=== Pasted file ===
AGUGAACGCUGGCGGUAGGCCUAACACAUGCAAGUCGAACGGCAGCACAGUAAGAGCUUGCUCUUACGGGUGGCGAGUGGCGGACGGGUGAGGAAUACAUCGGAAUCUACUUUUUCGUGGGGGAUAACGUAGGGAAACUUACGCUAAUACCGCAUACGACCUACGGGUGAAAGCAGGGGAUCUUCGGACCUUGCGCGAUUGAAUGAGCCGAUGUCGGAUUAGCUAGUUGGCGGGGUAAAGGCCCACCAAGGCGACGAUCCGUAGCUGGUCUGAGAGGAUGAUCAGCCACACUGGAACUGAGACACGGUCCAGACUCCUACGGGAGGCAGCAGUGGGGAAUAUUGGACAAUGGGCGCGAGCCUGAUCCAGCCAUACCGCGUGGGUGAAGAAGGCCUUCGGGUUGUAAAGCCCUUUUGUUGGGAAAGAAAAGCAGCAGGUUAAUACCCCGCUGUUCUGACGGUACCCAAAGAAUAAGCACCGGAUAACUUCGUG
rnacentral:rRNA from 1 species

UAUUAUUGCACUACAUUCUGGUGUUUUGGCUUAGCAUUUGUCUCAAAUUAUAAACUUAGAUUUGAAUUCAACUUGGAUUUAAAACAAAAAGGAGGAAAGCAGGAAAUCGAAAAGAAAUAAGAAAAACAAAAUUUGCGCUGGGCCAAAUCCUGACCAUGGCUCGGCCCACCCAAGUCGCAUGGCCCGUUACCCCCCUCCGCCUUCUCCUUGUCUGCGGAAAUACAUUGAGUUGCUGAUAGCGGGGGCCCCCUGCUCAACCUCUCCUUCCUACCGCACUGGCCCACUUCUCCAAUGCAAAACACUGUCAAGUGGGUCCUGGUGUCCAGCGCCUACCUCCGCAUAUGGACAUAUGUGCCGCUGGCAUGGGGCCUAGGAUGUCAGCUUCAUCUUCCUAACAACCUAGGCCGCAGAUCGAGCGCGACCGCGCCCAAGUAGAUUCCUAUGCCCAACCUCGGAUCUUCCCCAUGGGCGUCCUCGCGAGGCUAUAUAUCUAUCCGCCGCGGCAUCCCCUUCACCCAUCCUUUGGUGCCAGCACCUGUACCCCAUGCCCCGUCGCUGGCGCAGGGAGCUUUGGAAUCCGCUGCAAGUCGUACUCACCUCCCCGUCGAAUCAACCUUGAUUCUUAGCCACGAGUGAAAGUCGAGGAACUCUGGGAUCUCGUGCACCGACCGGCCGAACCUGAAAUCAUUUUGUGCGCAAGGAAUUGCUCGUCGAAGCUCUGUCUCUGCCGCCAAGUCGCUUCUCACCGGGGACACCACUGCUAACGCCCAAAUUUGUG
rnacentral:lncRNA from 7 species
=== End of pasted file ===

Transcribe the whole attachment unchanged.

AGUGAACGCUGGCGGUAGGCCUAACACAUGCAAGUCGAACGGCAGCACAGUAAGAGCUUGCUCUUACGGGUGGCGAGUGGCGGACGGGUGAGGAAUACAUCGGAAUCUACUUUUUCGUGGGGGAUAACGUAGGGAAACUUACGCUAAUACCGCAUACGACCUACGGGUGAAAGCAGGGGAUCUUCGGACCUUGCGCGAUUGAAUGAGCCGAUGUCGGAUUAGCUAGUUGGCGGGGUAAAGGCCCACCAAGGCGACGAUCCGUAGCUGGUCUGAGAGGAUGAUCAGCCACACUGGAACUGAGACACGGUCCAGACUCCUACGGGAGGCAGCAGUGGGGAAUAUUGGACAAUGGGCGCGAGCCUGAUCCAGCCAUACCGCGUGGGUGAAGAAGGCCUUCGGGUUGUAAAGCCCUUUUGUUGGGAAAGAAAAGCAGCAGGUUAAUACCCCGCUGUUCUGACGGUACCCAAAGAAUAAGCACCGGAUAACUUCGUG
rnacentral:rRNA from 1 species

UAUUAUUGCACUACAUUCUGGUGUUUUGGCUUAGCAUUUGUCUCAAAUUAUAAACUUAGAUUUGAAUUCAACUUGGAUUUAAAACAAAAAGGAGGAAAGCAGGAAAUCGAAAAGAAAUAAGAAAAACAAAAUUUGCGCUGGGCCAAAUCCUGACCAUGGCUCGGCCCACCCAAGUCGCAUGGCCCGUUACCCCCCUCCGCCUUCUCCUUGUCUGCGGAAAUACAUUGAGUUGCUGAUAGCGGGGGCCCCCUGCUCAACCUCUCCUUCCUACCGCACUGGCCCACUUCUCCAAUGCAAAACACUGUCAAGUGGGUCCUGGUGUCCAGCGCCUACCUCCGCAUAUGGACAUAUGUGCCGCUGGCAUGGGGCCUAGGAUGUCAGCUUCAUCUUCCUAACAACCUAGGCCGCAGAUCGAGCGCGACCGCGCCCAAGUAGAUUCCUAUGCCCAACCUCGGAUCUUCCCCAUGGGCGUCCUCGCGAGGCUAUAUAUCUAUCCGCCGCGGCAUCCCCUUCACCCAUCCUUUGGUGCCAGCACCUGUACCCCAUGCCCCGUCGCUGGCGCAGGGAGCUUUGGAAUCCGCUGCAAGUCGUACUCACCUCCCCGUCGAAUCAACCUUGAUUCUUAGCCACGAGUGAAAGUCGAGGAACUCUGGGAUCUCGUGCACCGACCGGCCGAACCUGAAAUCAUUUUGUGCGCAAGGAAUUGCUCGUCGAAGCUCUGUCUCUGCCGCCAAGUCGCUUCUCACCGGGGACACCACUGCUAACGCCCAAAUUUGUG
rnacentral:lncRNA from 7 species